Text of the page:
Jake Cahill shook his head and turned to his brother-in-law. “I apologize, Frank, the boy’s a little slower than usual tonight. But if memory serves me right, he’s been on a date with Jack Boudreaux’s daughter. That must explains his condition.”

“No apologies needed. Don’t be too rough on the boy. I’ve seen that gal around town a lot in the last few weeks. And for a little thing, she does pack a lot of distractions.”

Before Mark could be teased anymore, his cousin Frankie walked out the front door. “Well, I managed to get Emily off the phone,” he said, referring to his mother. “And thanks to her come-to-Jesus talk with our sheriff, I’ve picked up a lot of new words.”

“She let him have it, huh?” asked Frank, sipping on the scotch and soda his son had just handed him.

Frankie nodded, “I’m not sure, but I think she called him about everything but a Christian. Then she laid the big hurt on him by saying he’d never be invited back to a Christmas party.”

“Well, there goes any chance of his being re-elected,” said Mark. Emily Williams’ annual Christmas parties might not be the height of the social season but were a crucial fixture of the political season. “I take it both our sainted mothers are in the house.”

“Oh, yeah,” said Frankie, “Aunt Leigh’s doing her best to calm down her wild-eyed sister.”

“That feisty, red-headed nurse has no sense of humor when it comes to her front yard,” observed Frank.

“How’d you like to be Tobias the next time he has to go to the hospital?” said Jake Cahill, with a grin. As Director of Nursing at Pinefield General, Emily Williams ruled the small hospital with a stern but even hand.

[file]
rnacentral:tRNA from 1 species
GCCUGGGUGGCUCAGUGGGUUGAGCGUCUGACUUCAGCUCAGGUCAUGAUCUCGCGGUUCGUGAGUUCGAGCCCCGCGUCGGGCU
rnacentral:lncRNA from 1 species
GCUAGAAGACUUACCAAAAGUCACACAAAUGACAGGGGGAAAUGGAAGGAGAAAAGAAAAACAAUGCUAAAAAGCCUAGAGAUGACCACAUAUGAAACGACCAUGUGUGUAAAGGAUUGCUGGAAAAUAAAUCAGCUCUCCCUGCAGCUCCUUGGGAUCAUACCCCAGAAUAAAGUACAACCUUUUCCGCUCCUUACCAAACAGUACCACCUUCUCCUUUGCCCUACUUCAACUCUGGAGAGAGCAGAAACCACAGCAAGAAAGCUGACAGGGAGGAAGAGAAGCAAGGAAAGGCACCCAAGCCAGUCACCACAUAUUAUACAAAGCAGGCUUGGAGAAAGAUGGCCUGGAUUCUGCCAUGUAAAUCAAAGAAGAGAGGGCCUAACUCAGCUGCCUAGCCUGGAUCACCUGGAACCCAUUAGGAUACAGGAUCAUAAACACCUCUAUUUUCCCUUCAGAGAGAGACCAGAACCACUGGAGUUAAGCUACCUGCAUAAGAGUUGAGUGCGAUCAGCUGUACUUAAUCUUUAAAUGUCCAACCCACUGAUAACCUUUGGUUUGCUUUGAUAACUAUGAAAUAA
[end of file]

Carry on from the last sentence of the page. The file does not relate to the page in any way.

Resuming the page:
“Why does she think the sheriff did it?” asked Mark.

“Oh, the sheriff didn’t do it,” said Frankie. “But she’s sure he was involved, and as we all know, she’s always right.”

Mark grinned at his cousin. Frankie was still in junior high but big for his age and smart for any age. “So who did the dirty deed?”

In the light from the dying fire, he could just make out his father’s face. “We’re not sure, son. But thanks to Belle and the Saturday night bridge game going on across the street at Junior Stephenson’s we’ve got a pretty good idea. When all the barking started, Amanda Marshall, Ester Pierce, Birdie Stephenson and the rest of those gray-haired card sharks stopped playing long enough to scope out the action.”

When Jake paused to sip on his drink, Frank, who loathed any silence, picked up the story. “All of ‘em came rushing over here the moment we pulled up. They were yellin’ about how the guys who did it had just driven off in a dark colored pickup. Ester said that just after sweet Belle here,” he began scratching the dog’s ears, “tore into one of them, the other started the cross burning. She’s not sure, but thinks he might have been the Sims boy who works at the lumber yard.”

“You’re the lawyer, Frank,” said the senior Cahill, “but I don’t think that’d stand up in court. It’s a good ways from here to the Stephenson’s house, Ester’s older than dirt, and about all the light she had was from the cross itself.”

As his father was talking all the tumblers fell into place for Mark. Speaking in a low, monotone, he broke in. “The thing is Dad; I think she’s right.”